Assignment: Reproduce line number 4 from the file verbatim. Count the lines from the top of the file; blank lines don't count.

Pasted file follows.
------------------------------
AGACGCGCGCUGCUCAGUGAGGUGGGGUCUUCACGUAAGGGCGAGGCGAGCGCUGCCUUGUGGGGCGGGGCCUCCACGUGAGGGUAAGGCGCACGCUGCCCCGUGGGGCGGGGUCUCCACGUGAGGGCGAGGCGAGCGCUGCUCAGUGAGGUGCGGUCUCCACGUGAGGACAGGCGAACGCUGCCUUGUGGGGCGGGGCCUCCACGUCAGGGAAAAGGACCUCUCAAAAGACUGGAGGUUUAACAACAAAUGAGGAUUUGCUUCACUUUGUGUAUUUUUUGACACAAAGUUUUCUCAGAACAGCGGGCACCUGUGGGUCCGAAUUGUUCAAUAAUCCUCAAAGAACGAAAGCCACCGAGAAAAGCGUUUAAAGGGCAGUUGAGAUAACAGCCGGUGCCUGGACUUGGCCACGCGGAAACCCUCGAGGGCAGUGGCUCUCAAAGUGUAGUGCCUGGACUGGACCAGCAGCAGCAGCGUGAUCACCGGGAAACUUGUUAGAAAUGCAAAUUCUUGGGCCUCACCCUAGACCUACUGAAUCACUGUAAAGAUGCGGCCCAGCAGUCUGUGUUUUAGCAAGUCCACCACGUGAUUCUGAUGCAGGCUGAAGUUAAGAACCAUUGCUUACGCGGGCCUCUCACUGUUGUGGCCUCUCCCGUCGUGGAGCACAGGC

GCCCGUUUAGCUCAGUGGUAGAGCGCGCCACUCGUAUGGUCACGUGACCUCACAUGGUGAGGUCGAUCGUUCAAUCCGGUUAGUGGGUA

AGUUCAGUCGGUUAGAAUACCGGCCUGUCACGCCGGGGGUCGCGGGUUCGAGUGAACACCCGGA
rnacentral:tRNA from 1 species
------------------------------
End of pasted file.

rnacentral:tRNA from 1 species